#4 Avoidance

Ever think that if you ignore something, it will go away? I have. That rarely happens, yet this is an ongoing blind spot for many leaders. It is an “intentional blind spot” in that we know we are doing it, but what we’re blind to is its destructive fallout. We convince ourselves that keeping peace and ignoring conflict is better than facing the problem.


So why do we tend to avoid the tough challenges with others? Here are some of the reasons I’ve avoided confrontation:
1) My fear of being rejected.
That’s right. I like everyone to like me. By the way, that’s crazy! In ministry, we can ignore crucial conversations just because we want to keep everyone happy. The moment you put your desire to liked over the need to address a problem, you’ve lost your leadership.

2) My lack of knowing how.
Simply put, I didn’t know how to deal with conflict constructively. Most of us didn’t have good models of conflict resolution nor were we trained in school.

3) My concern about their emotional reaction.
Any time there is conflict, emotions run high. Frankly, I’ve seen people blow up and react in some very ungodly ways. Keeping one’s own emotions under control is essential if we are to engage in meaningful dialogue.

When we begin avoiding people and situations that make us uncomfortable, we give up a part of our leadership. We’re saying “I’m unwilling to step up and take responsibility for this situation. Instead, I’ll leave the bad situation the way it is.” — Joseph LaLonde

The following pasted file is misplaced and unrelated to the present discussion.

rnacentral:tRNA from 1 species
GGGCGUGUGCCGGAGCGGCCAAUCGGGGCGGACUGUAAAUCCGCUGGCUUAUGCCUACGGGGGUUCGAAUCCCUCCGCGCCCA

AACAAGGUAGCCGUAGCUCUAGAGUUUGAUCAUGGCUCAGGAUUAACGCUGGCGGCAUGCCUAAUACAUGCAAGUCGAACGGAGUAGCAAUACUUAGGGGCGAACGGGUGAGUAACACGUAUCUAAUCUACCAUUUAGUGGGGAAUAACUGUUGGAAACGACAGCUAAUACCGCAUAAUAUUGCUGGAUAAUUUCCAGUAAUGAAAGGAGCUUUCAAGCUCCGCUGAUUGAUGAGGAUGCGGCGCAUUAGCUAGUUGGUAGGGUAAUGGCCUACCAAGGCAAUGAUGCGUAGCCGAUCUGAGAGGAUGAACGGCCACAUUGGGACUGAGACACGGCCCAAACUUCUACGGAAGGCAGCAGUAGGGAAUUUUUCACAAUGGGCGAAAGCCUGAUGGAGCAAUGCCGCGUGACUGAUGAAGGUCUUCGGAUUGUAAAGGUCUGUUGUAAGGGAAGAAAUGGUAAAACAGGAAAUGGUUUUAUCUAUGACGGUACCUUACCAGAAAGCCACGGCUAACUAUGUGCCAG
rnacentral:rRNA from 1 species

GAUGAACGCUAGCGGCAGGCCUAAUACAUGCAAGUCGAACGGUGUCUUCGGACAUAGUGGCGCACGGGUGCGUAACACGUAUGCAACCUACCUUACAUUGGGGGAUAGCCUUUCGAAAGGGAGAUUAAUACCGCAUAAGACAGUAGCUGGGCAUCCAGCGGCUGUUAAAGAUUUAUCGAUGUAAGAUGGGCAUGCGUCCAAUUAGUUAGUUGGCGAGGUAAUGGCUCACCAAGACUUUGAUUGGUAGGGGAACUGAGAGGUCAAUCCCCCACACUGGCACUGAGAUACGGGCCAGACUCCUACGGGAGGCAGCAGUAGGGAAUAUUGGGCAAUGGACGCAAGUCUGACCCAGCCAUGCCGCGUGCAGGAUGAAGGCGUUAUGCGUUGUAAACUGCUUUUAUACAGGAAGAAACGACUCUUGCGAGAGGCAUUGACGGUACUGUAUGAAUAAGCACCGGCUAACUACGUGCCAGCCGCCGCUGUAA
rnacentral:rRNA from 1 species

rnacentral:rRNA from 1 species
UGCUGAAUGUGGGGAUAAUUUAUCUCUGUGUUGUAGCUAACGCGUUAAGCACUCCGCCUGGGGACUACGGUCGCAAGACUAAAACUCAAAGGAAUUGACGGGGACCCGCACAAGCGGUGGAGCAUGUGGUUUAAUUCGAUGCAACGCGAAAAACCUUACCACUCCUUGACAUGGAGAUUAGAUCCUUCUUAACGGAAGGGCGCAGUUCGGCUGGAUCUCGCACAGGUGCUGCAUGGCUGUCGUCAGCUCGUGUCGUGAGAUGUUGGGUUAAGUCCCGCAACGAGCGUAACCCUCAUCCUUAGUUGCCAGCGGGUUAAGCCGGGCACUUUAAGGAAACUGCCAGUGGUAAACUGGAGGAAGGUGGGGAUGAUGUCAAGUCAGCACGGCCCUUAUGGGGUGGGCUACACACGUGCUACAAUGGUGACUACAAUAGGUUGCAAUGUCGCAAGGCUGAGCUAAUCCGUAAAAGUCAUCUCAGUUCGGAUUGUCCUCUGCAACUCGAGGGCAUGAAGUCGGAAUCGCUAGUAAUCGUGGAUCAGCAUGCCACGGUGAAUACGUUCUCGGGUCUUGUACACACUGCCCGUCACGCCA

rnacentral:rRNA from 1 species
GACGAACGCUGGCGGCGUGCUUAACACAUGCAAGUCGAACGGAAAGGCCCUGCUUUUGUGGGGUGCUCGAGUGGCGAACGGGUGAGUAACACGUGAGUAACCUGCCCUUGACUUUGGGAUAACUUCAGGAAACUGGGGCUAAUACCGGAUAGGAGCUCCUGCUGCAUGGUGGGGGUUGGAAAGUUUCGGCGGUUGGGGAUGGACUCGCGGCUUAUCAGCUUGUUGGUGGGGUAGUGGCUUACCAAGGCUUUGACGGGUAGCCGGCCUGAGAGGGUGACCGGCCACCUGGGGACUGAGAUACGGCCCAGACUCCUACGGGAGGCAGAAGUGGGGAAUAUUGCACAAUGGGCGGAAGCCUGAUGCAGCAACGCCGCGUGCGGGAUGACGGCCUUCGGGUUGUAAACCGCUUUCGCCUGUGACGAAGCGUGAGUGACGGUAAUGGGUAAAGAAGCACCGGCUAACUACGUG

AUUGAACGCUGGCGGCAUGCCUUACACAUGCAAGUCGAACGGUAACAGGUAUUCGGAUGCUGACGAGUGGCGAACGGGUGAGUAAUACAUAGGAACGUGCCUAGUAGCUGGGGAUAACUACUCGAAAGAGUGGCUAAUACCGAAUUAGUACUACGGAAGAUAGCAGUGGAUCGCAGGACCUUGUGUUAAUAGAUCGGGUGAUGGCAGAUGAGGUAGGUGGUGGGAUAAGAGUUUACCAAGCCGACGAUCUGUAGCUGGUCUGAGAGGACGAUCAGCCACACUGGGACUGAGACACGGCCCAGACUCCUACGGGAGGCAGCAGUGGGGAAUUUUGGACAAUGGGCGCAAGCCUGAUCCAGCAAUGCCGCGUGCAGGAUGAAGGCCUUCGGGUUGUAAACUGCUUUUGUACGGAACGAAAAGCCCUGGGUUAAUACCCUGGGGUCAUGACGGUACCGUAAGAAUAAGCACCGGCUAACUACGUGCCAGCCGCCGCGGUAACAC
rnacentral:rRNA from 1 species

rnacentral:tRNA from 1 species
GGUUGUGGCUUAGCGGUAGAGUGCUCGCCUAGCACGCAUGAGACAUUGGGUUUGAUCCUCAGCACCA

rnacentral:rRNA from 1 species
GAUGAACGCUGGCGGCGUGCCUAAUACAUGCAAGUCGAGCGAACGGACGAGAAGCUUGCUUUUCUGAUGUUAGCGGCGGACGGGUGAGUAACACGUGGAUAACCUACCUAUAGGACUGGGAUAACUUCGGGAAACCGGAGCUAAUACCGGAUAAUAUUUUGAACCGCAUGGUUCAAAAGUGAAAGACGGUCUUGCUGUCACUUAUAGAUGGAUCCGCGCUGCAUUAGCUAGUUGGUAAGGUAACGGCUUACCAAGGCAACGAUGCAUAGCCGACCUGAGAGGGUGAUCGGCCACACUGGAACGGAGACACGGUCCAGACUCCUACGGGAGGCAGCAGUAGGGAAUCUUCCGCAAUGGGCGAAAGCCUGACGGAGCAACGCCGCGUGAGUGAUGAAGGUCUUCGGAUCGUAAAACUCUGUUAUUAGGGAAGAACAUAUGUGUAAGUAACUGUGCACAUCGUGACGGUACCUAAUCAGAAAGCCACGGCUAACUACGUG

To be a good leader we must face the problem. In Basic Training, soldiers are taught to run to the sound of gunfire, rather than follow their natural instinct to run away. That’s a good lesson for every leader.

Here are a few first steps you can take to face the challenge:

  1. Ask God for wisdom in the situation.
  2. Make an appointment. Connect with those who are involved with the problem and let them know you want to talk about the situation. Get it on the calendar and you’ll no longer be able to avoid it!
  3. Listen. Listen. Listen. Seek understanding and ask for clarification. Begin with thoughtful questions, not your perspective. Often, the chance to state their case and be heard will soften their hear so that wise counsel can be received.
  4. Plan to work together to fix the problem.
  5. If the situation can’t be resolved, ask for outside help. Asking for help when you need it is a sign of strength, not weakness.


Smoothing things over only postpones the pain and often allows time for the situation to get worse. What else would you add to this topic of “avoidance” as you lead?

Next Week’s Blind Spot #5  “Inconsistency”

2 Comments Add yours

  1. Bill Vermillion says:

    Randy this is a very good series you are doing. May we be more aware of our blind spots

    Liked by 1 person

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